We spend a lot of time here at The Dissolve bemoaning lack of female representation in film and film culture. And as we all well know, some of the biggest industry culprits in terms of lack of gender parity are superhero movies. This is part of what makes the forthcoming Felt—the story of a woman who creates superhero-esque alter egos to reclaim the power she’s lost as a result of “the daily aggression of a male-dominated society”—so fascinating.
But Felt doesn’t just stand out as the story of a “female superhero” in a male-centric genre. Felt doesn’t just deal in fantasy, in masked avengers and caped crusaders. Felt is, primarily, a raw and unflinching look at rape culture, at what it often means to be a woman in the real world—at best objectified, ignored, belittled; at worst victimized, exploited, assaulted. As Everson herself put it in the film’s press materials, “Starting from birth and reinforced throughout our lives, we're groomed to believe that our worth is contingent on our sexual desirability and that we are to tolerate ever-increasing boundary violations. We're continuously objectified, coerced into unwanted sexualization, and blamed for the violations perpetrated against us. We must accept that it is these societal attitudes that culminate in a climate that trivializes, normalizes, excuses, and ultimately perpetuates sexual violence.”
Directed by Jason Banker (Toad Road) and co-written by Banker and Amy Everson (who also stars in the film, and won the Next Wave Award for Best Actress at last year’s Fantastic Fest), Felt is based on Everson’s own experiences with sexual trauma. The film blurs the lines between documentary and fiction; Everson, an experimental artist, began collaborating with Banker on Felt a few years ago, initially filming a music video (watch it here) before deciding to flesh out her story further.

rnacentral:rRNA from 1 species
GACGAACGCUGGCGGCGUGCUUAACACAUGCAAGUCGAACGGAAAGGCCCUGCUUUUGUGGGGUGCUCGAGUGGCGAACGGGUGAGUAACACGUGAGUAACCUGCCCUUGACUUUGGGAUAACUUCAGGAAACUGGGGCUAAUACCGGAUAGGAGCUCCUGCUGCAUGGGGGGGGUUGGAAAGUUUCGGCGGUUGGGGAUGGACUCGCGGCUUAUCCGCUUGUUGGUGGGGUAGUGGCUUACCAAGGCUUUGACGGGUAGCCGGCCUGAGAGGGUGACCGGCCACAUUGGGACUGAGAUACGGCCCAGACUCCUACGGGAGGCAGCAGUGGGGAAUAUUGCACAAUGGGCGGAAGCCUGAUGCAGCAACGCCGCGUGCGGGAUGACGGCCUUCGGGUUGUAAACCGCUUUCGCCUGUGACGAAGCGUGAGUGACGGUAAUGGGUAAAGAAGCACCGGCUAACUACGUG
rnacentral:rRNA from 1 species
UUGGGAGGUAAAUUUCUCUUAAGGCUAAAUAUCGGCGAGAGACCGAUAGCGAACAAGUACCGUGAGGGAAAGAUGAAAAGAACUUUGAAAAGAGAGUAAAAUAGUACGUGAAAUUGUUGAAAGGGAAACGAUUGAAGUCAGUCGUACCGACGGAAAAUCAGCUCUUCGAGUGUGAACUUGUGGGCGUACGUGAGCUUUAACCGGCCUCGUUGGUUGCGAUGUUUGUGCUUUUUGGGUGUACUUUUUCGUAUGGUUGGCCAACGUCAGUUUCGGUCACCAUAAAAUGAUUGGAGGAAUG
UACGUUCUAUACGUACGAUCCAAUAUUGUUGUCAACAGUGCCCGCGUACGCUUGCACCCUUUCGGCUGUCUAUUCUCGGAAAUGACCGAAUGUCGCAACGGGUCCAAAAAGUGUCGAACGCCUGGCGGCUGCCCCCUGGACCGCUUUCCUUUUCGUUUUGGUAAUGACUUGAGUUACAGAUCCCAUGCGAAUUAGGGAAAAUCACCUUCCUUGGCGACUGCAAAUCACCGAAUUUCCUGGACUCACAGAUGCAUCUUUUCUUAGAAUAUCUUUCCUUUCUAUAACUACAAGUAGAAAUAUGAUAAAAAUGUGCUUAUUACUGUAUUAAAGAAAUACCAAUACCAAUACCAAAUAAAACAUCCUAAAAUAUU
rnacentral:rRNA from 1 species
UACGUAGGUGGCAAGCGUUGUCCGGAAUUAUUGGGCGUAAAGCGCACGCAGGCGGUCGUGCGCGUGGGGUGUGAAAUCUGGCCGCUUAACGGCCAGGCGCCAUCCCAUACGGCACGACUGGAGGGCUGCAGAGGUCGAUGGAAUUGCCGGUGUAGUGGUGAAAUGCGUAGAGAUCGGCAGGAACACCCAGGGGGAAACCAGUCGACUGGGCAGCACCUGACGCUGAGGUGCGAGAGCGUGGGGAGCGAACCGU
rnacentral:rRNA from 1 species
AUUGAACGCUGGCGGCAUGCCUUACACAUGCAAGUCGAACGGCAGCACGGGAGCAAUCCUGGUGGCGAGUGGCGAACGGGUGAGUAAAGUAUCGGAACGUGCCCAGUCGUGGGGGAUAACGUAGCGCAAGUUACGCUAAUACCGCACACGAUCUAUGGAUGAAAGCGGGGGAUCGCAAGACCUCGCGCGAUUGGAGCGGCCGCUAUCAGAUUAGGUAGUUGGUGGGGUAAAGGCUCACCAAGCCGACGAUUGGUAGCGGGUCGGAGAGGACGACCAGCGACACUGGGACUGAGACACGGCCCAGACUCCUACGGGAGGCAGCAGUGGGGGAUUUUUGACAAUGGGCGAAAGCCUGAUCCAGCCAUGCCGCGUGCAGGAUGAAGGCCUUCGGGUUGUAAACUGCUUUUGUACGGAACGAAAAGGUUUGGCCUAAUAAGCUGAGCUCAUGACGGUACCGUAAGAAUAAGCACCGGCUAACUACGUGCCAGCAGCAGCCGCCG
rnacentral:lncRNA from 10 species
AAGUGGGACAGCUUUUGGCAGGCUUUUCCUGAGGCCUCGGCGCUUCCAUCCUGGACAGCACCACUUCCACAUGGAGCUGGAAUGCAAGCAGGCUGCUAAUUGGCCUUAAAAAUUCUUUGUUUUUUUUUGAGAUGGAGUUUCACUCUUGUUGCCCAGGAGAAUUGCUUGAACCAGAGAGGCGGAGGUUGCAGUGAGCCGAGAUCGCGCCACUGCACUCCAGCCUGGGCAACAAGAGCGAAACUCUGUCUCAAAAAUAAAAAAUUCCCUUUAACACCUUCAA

Here’s the official synopsis, via the film’s website:
“Amy is hanging on by a thread. Struggling to cope with past sexual trauma and the daily aggression of a male-dominated society, she creates grotesquely costumed alter egos that re-appropriate the male form. While giving her the sense of power she craves, acting as these characters pushes her further into a world of her own making. When she begins a new relationship with a seemingly good guy, she opens herself up to him—but that vulnerability comes at a dangerous cost, and her alter egos threaten to lash out in explosive violence. Based on the real experiences and art of co-writer/star Amy Everson, Felt doesn't just point a finger at rape culture; it takes a full on swing at it, creating a feminist psychological thriller that audiences will be hard-pressed to shake off.”
And here’s the first trailer (beware; it’s NSFW):
The trail of the tape
Director: Jason Banker
Screenwriter: Jason Banker and Amy Everson
Cast: Amy Everson, Kentucker Audley, Ryan Creighton, Elisabeth Ferrara, Roxanne Lauren Knouse
Release date: June 26
The entire trailer in one line of dialogue: “Everything is qualified by the fact that you don’t have a dick.”
The entire trailer in one screengrab:
I haven’t yet seen Felt, so I can’t personally speak to its quality or power, but most who have seen it have been totally blown away. Movie Mezzanine’s Dan Schindel wrote, “Felt might be more vitally of the moment than any other film that people aren’t likely to see…Right now, a very necessary conversation about rape culture and the myriad ways that society is hostile to women is taking shape. Felt isn’t a piece for conversation, though. It’s an experience. It’s an unvarnished, unpretentious, and seemingly unassuming portrait of what it’s like to be a woman and feel the world crushing your throat under its heel.” Devin Faraci called it “a beautiful film from one of the most exciting new directors working today, anchored by an astonishing performance by an artist without any previous acting experience.”
If these reactions, that trailer, and its preceding music video (shuddering forever) are any indication, Felt looks to be powerful and important, disorienting and disturbing for audiences in the same way that it can often feel disorienting and disturbing to exist as a woman in a society that both swallows and shuns you.